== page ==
Digital Artefact Contextual Essay

Just a few months ago, I hesitantly wrote in my bullet journal that I wanted to start a YouTube channel, something I had been considering on and off for a few years, to be honest. There always seemed to be a million reasons not to do it – it won’t be good, what’s the point, I don’t have time – just to name a few. Along came BCM114, sweeping aside any excuses with a resounding “just do it!”. It didn’t have to be good, it was an assignment in a compulsory subject, and I would use the time spent normally for a university subject. Problem solved.

So, I finally set off in making a YouTube channel. Using the design thinking process, I first defined my idea as chill lifestyle vlogs to provide an audience with videos they can casually watch and ‘hang out’ with me. Using myself as the initial point of audience research, I decided to make videos similar to the ones I watch on YouTube, like bestdressed, oh no nina and Jenn Im, and try to target the same audiences those videos reach. This starter pack describes these kinds of viewers, essentially describing those wanting the same kind of content that I enjoy watching as I go about my day. 

I developed this project by ideating, prototyping and testing different videos, first by filming several parts of my everyday life and compiling them into 10-12 minute ‘weekly vlogs’. I also used existing footage from earlier in the year to make a travel vlog, another popular style on YouTube. Additionally, I experimented with a university-focused advice video, and two short cooking videos. With each iteration, I aimed to make a minimum viable product to deliver smaller, functional increments rather than an overwhelming final product.

The main type of videos published on my channel were vlogs, with two weekly vlogs and a Japan travel vlog. The responses were lovely and encouraging, with some comments complimenting my editing style, enjoying the ‘catch-up’ vibes of the video and a retweet of the video link. This was definitely the social utility I was aiming for, just with a small, BCM-cohort-centred audience.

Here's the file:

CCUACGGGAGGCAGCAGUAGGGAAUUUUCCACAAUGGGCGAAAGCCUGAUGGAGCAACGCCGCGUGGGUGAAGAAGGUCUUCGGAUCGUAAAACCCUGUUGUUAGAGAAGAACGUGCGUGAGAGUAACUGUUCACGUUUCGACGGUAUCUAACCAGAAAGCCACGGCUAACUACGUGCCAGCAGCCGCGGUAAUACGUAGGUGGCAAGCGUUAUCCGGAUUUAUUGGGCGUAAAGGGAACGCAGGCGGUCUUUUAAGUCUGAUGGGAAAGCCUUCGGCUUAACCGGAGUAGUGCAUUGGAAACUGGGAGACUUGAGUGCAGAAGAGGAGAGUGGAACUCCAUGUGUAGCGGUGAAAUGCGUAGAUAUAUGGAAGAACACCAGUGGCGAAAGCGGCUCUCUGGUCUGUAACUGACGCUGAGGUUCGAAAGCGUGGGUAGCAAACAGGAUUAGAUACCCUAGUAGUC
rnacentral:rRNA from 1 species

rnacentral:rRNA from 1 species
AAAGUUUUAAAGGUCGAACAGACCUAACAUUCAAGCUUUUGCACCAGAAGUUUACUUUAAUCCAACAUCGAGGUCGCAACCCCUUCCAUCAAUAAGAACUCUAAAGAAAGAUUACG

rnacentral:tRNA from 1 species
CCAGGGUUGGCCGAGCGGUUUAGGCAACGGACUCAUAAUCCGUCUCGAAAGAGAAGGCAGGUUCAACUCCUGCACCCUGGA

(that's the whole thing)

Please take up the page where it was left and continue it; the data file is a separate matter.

The next step was to increase the scope of my audience. However, I wasn’t able to achieve this in these past months, with 20-30 odd views and 20-30% retention video retention. The weekly vlogs took about a week to film, obviously, and a few days to edit. It was difficult keep up a consistent upload schedule, especially amongst other assignments, which is crucial for social media (see here).

Interestingly, my Japan travel vlog accrued the most views, watch time and traffic source from search terms, most likely since travel videos are a very popular concept. While this isn’t a consistently sustainable video concept since it requires overseas travel, I will be making sure to vlog any other local or overseas travel I do for future content.

Overall, I need to make more of an effort to reach my audience that I know is out there, and direct them to my channel in order to better achieve my proposed social utility.

I also made a video specific to BCM students around specific assignment advice. This had the highest audience response on Twitter, which of course was a result of its use as a platform in BCM subjects.

This was quicker to film and edit, but gained similar views to my weekly vlogs. Its social utility is directly applicable to my fellow uni students, but it seems that putting in the extra effort to create more personable weekly vlogs has potential to reach a wider audience outside the limited scope of UOW BCM students. 

Most recently, I made two short ‘make lunch with me’ videos as a #FIST way to make content, especially since this is something I do everyday anyway. These received fewer views, which isn’t what I expected, as they’re shorter and had seemingly more useful social utility as motivation or ideas on what to eat, but the few comments I received about the food looking great were very much appreciated and reflected what I wanted for these videos.

With the social utility of these shorter videos being more ‘functional’ than personal, again it seems that the higher effort in creating more personal weekly vlogs is worth it in terms of audience feedback, as the video metrics show an overall decrease in views, watch time and impression click-through rate than in the previous 28 days. Additionally, around half my views come from non-subscribers, meaning I will need to encourage viewers to “please subscribe to my channel” and make content to encourage subscribing. To see more detail on the analytics, please check out my latest DA process blog.

As the semester and subject come to a close, I have not only come away with useful frameworks and foundational knowledge in being a media maker, but the courage to make things I’ve always wanted to make. My most valuable lesson has been to continue building this courage and just keep making! 

PS: I did also make an extra Instagram DA toward the end of the semester, but it’s still in its fledgling stages and discussing it here would increase the wordcount a lot, probably. My most interesting takeaway is that it feels odd to get comments from strangers, but it’s fun! I need to figure out the best time to post, reply to all comments, tag official accounts whenever possible and also do more research. Stay tuned. 

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